In the grand scheme of things, I haven’t been a fan of The Room (2003) for long. The first time I saw it was at the Tribeca Film Festival about 3 years ago and Rifftrax was doing a live show to commemorate the cult following that The Room has attained. Since then I’ve watched the film maybe two or three other times because let’s be honest, it’s a little difficult to get through because it is THAT bad. However, I do enjoy how much of a cult classic it’s become and I’m incredibly fascinated with the mastermind behind it, Tommy Wiseau. Fast-forward to a year after my first viewing and my boyfriend informs me that there is a book titled “The Disaster Artist” that I have to read, and man oh man, what a glorious vortex of insanity that book is.
THE DISASTER ARTIST, both the book and the new film from James Franco, is brought to us from the perspective of Greg Sestero, the lead actor in The Room. In the book, and subsequently the film, Greg shares his experiences of meeting Tommy Wiseau for the first time, moving to Hollywood with him to follow their dreams of becoming actors, and eventually the crazy and deranged antics that happened both on the set of The Room and off the set. When I read the book, I flew through it as the stories he shared were some of the most bat-shit, insane, accounts I’ve heard, so when it was announced that there would be a film based off the book, I was 100000% on board.
As I mentioned, THE DISASTER ARTIST is directed by James Franco, who also stars in the film as Tommy Wiseau, and also helped produce the film. The movie also stars Dave Franco as Greg Sestero, Seth Rogan, Alison Brie and Paul Scheer. While I did end up liking the book much more than the film, I still enjoyed the re-enactments of some of my favorite moments in the story as well as James Franco’s complete embodiment of Tommy Wiseau. My critique of the film had to do with the fact that I wish they had delved deeper into the psychosis of Wiseau, because honestly, the book really pinpoints some unsavory aspects of his personality.
In regards to the film, I can’t say enough good things about James Franco’s performance. Not only does he make himself look like Wiseau, but he acts like him, and has mannerisms that match Wiseau’s perfectly. Even the whole production matches that of what Wiseau did in regards to him starring, directing, and producing the entire thing. It goes without saying that James Franco goes to the absolute limits in his authenticity of his portrayal of Tommy Wiseau and he knocks it out of the park. The same can be said for Dave Franco, James Franco’s younger brother, who does a superb job of portraying Greg Sestero. Though James is receiving the majority of the acclaim, it would be a shame not to give Dave hefty portion of that praise as well since he did such a fantastic job of bringing Greg Sestero’s experiences to life.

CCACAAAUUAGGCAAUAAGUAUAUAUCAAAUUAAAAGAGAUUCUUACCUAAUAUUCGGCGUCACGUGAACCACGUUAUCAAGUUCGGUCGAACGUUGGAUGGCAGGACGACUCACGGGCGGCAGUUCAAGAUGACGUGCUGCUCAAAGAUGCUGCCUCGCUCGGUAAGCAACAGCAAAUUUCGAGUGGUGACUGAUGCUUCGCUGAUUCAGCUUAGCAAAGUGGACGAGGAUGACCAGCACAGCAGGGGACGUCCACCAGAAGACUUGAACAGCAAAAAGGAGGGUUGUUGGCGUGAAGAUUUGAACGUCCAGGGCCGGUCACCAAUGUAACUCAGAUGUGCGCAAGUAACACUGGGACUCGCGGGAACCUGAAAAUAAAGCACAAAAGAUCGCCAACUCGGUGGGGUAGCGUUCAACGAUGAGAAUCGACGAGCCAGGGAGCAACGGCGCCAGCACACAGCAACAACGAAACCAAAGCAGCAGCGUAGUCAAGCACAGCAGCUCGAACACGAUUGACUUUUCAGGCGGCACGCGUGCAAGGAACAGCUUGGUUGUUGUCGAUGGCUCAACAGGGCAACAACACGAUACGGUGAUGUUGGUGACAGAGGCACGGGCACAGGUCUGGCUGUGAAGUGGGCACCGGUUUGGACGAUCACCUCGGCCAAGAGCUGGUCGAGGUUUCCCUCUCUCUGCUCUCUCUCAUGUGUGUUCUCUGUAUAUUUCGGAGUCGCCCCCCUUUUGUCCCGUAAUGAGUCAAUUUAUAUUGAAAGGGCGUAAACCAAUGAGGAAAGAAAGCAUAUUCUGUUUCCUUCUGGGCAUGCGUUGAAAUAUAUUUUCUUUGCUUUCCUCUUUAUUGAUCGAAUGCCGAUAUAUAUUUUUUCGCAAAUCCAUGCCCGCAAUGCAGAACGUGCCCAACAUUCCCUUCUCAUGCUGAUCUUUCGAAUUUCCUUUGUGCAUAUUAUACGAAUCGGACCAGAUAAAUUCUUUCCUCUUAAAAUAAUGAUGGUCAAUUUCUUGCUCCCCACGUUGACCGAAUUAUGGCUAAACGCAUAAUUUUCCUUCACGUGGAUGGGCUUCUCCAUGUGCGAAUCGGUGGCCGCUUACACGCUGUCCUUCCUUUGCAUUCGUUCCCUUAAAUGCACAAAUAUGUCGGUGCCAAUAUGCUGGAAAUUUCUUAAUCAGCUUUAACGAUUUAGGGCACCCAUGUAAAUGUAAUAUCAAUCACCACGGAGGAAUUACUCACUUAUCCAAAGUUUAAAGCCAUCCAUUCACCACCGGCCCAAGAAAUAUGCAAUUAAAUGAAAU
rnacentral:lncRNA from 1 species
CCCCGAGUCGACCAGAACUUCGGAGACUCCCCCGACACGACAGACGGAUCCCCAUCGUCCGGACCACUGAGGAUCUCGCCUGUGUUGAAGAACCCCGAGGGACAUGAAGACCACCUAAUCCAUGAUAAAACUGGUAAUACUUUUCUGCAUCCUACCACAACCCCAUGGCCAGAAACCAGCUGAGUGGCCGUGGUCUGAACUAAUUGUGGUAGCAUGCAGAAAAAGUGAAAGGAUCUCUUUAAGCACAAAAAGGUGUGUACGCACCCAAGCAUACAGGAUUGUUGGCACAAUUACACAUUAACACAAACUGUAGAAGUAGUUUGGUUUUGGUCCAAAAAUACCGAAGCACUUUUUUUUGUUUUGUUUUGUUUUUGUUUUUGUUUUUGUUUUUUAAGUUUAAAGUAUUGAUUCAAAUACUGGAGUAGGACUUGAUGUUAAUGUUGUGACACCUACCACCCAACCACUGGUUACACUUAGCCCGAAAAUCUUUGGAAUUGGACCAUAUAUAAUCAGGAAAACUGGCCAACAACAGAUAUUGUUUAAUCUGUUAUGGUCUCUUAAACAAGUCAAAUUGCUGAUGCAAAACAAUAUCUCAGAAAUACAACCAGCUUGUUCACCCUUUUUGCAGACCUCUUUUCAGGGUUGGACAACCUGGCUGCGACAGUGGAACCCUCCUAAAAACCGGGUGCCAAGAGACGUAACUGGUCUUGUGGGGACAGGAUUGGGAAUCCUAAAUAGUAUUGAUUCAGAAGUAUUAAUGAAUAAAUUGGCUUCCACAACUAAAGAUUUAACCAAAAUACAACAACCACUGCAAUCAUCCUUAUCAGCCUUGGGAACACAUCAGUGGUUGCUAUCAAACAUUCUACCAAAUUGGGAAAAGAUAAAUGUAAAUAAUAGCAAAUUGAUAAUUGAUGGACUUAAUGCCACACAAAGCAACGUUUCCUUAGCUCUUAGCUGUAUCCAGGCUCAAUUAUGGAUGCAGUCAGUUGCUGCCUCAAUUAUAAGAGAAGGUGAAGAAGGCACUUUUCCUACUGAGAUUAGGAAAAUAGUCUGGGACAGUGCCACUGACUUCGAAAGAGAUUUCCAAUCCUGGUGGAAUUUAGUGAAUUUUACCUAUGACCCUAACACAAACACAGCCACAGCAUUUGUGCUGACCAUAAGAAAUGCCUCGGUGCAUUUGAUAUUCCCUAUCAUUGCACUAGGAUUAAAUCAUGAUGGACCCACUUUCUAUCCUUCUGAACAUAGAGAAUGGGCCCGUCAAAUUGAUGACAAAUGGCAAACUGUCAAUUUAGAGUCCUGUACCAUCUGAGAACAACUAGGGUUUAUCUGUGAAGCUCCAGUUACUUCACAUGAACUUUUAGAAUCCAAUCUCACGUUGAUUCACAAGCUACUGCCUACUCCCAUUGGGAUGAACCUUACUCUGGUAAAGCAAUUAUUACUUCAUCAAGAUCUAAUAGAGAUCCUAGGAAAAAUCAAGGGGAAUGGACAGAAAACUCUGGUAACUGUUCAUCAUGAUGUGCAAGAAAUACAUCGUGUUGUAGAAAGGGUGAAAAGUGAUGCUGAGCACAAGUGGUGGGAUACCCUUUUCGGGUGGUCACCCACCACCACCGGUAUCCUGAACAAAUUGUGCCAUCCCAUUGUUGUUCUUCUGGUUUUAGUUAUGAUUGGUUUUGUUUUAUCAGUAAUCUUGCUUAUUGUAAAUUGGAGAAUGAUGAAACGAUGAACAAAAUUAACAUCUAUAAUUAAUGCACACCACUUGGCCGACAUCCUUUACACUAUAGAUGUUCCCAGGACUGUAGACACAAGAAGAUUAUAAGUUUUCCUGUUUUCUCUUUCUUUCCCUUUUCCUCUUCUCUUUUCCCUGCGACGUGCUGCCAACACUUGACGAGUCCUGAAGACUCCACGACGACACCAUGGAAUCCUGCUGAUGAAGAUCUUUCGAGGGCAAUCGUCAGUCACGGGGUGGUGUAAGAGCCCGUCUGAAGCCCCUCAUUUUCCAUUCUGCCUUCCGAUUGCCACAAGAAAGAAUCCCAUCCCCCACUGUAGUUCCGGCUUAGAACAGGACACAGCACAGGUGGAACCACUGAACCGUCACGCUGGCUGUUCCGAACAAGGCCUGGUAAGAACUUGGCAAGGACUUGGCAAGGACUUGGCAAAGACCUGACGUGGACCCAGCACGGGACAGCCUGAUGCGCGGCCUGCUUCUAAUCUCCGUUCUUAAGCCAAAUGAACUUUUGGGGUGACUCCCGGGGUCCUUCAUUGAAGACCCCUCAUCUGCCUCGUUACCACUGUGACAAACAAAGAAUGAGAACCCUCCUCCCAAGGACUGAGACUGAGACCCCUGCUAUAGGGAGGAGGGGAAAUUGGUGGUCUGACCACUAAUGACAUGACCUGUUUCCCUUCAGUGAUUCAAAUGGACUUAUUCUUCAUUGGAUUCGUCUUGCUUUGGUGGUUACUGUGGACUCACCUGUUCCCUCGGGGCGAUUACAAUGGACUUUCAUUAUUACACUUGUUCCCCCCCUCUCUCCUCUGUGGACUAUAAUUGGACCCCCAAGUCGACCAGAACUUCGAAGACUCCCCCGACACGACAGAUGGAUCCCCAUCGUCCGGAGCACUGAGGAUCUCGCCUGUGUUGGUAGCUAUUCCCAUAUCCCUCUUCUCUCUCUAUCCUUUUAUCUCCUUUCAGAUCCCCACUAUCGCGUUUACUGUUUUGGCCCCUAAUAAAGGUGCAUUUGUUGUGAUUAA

The only concern I have for this film is for people who haven’t ever witnessed the glorious train wreck of The Room or are not familiar with “The Disaster Artist” book. I’m not sure what someone would expect going into this had they not experienced at least The Room as I feel like all contexts would be lost (I could try to explain what The Room is but that would be a whole ‘nother review). With that said, I would HIGHLY suggest watching The Room (with or without Rifftrax) prior to going to see this. THE DISASTER ARTIST does a great job of showcasing the insanity that befell the set of The Room and I definitely recommend staying during the credits so you can see just how precise James Franco made certain scenes from the movie. It’s pretty apparent that all those involved in THE DISASTER ARTIST were huge fans of The Room because of just how much work went into the production of this film. Even Wiseau himself gave the film his blessing, of course done in the most Tommy Wiseau way. Speaking of the enigmatic Wiseau, he does make a cameo but you have to make it through the credits to see it (it’s definitely worth the wait).
Overall, I was thoroughly entertained with THE DISASTER ARTIST. Though I’m being that person that says, “the book was better” I still think the film was able to encapsulate a large portion of what the book was about. Tommy Wiseau is not from this planet, I swear, and though the mystery of who is he is, where he’s from, or where he gets his money from, are never answered, you do get to see just how passionate and intense he is about his craft. A part of my heart breaks for him but I also know, from the book, that he’s not the greatest guy, so my feelings towards him still remain conflicted. With all that said, if you are a huge fan of The Room and/or you love “The Disaster Artist” book, than I would say without a doubt, that you need to see THE DISASTER ARTIST.
THE DISASTER ARTIST opens in limited theaters December 1st and everywhere December 8th